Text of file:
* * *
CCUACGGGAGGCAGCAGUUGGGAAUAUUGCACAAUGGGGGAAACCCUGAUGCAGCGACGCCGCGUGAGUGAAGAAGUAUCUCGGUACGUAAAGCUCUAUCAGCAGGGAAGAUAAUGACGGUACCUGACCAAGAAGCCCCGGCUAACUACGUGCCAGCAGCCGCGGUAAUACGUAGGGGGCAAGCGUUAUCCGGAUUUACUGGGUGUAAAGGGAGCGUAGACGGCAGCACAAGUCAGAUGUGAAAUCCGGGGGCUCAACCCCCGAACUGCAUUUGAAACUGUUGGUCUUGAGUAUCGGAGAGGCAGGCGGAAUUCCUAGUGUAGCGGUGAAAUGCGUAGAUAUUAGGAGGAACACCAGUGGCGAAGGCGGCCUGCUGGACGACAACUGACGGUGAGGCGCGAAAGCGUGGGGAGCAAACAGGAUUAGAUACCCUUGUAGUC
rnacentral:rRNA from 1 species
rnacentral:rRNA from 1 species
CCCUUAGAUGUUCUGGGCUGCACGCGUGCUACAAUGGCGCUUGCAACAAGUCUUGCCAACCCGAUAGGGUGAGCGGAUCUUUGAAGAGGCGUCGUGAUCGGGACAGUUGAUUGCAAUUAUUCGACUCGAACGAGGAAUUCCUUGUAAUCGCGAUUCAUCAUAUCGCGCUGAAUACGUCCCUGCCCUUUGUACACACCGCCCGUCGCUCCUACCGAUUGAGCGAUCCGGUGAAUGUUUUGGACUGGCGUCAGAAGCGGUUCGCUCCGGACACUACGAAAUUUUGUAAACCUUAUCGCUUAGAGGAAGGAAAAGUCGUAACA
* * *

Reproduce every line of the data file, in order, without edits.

CCUACGGGAGGCAGCAGUUGGGAAUAUUGCACAAUGGGGGAAACCCUGAUGCAGCGACGCCGCGUGAGUGAAGAAGUAUCUCGGUACGUAAAGCUCUAUCAGCAGGGAAGAUAAUGACGGUACCUGACCAAGAAGCCCCGGCUAACUACGUGCCAGCAGCCGCGGUAAUACGUAGGGGGCAAGCGUUAUCCGGAUUUACUGGGUGUAAAGGGAGCGUAGACGGCAGCACAAGUCAGAUGUGAAAUCCGGGGGCUCAACCCCCGAACUGCAUUUGAAACUGUUGGUCUUGAGUAUCGGAGAGGCAGGCGGAAUUCCUAGUGUAGCGGUGAAAUGCGUAGAUAUUAGGAGGAACACCAGUGGCGAAGGCGGCCUGCUGGACGACAACUGACGGUGAGGCGCGAAAGCGUGGGGAGCAAACAGGAUUAGAUACCCUUGUAGUC
rnacentral:rRNA from 1 species
rnacentral:rRNA from 1 species
CCCUUAGAUGUUCUGGGCUGCACGCGUGCUACAAUGGCGCUUGCAACAAGUCUUGCCAACCCGAUAGGGUGAGCGGAUCUUUGAAGAGGCGUCGUGAUCGGGACAGUUGAUUGCAAUUAUUCGACUCGAACGAGGAAUUCCUUGUAAUCGCGAUUCAUCAUAUCGCGCUGAAUACGUCCCUGCCCUUUGUACACACCGCCCGUCGCUCCUACCGAUUGAGCGAUCCGGUGAAUGUUUUGGACUGGCGUCAGAAGCGGUUCGCUCCGGACACUACGAAAUUUUGUAAACCUUAUCGCUUAGAGGAAGGAAAAGUCGUAACA